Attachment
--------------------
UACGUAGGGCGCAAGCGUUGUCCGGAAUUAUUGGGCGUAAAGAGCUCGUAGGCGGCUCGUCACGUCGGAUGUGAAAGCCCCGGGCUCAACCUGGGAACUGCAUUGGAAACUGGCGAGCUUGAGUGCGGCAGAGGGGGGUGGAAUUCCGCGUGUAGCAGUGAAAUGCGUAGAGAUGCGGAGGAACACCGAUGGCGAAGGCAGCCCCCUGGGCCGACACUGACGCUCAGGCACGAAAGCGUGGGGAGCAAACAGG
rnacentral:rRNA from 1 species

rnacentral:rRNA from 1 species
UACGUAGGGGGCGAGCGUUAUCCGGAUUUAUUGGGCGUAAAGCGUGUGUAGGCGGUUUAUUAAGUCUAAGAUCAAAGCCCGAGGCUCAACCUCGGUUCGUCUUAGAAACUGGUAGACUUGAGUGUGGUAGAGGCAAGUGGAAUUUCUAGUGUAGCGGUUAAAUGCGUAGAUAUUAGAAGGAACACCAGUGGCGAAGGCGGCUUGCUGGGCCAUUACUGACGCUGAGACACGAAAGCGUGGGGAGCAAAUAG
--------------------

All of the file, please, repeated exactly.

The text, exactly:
UACGUAGGGCGCAAGCGUUGUCCGGAAUUAUUGGGCGUAAAGAGCUCGUAGGCGGCUCGUCACGUCGGAUGUGAAAGCCCCGGGCUCAACCUGGGAACUGCAUUGGAAACUGGCGAGCUUGAGUGCGGCAGAGGGGGGUGGAAUUCCGCGUGUAGCAGUGAAAUGCGUAGAGAUGCGGAGGAACACCGAUGGCGAAGGCAGCCCCCUGGGCCGACACUGACGCUCAGGCACGAAAGCGUGGGGAGCAAACAGG
rnacentral:rRNA from 1 species

rnacentral:rRNA from 1 species
UACGUAGGGGGCGAGCGUUAUCCGGAUUUAUUGGGCGUAAAGCGUGUGUAGGCGGUUUAUUAAGUCUAAGAUCAAAGCCCGAGGCUCAACCUCGGUUCGUCUUAGAAACUGGUAGACUUGAGUGUGGUAGAGGCAAGUGGAAUUUCUAGUGUAGCGGUUAAAUGCGUAGAUAUUAGAAGGAACACCAGUGGCGAAGGCGGCUUGCUGGGCCAUUACUGACGCUGAGACACGAAAGCGUGGGGAGCAAAUAG